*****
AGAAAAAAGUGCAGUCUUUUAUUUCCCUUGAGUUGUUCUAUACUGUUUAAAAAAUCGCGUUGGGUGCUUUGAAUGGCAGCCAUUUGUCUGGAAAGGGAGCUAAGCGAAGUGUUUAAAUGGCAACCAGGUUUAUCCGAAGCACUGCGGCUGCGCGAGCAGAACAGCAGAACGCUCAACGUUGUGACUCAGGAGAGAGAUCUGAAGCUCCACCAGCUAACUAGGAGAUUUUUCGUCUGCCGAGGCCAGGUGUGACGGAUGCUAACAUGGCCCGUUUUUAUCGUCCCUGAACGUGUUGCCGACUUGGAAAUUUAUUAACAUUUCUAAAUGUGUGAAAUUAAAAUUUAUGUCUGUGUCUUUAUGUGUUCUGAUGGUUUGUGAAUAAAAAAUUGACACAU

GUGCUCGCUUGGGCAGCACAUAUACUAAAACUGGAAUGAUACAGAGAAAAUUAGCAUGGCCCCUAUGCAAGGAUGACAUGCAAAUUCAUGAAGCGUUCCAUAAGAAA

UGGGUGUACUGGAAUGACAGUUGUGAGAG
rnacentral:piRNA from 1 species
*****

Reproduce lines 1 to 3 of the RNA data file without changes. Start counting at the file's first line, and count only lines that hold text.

AGAAAAAAGUGCAGUCUUUUAUUUCCCUUGAGUUGUUCUAUACUGUUUAAAAAAUCGCGUUGGGUGCUUUGAAUGGCAGCCAUUUGUCUGGAAAGGGAGCUAAGCGAAGUGUUUAAAUGGCAACCAGGUUUAUCCGAAGCACUGCGGCUGCGCGAGCAGAACAGCAGAACGCUCAACGUUGUGACUCAGGAGAGAGAUCUGAAGCUCCACCAGCUAACUAGGAGAUUUUUCGUCUGCCGAGGCCAGGUGUGACGGAUGCUAACAUGGCCCGUUUUUAUCGUCCCUGAACGUGUUGCCGACUUGGAAAUUUAUUAACAUUUCUAAAUGUGUGAAAUUAAAAUUUAUGUCUGUGUCUUUAUGUGUUCUGAUGGUUUGUGAAUAAAAAAUUGACACAU

GUGCUCGCUUGGGCAGCACAUAUACUAAAACUGGAAUGAUACAGAGAAAAUUAGCAUGGCCCCUAUGCAAGGAUGACAUGCAAAUUCAUGAAGCGUUCCAUAAGAAA

UGGGUGUACUGGAAUGACAGUUGUGAGAG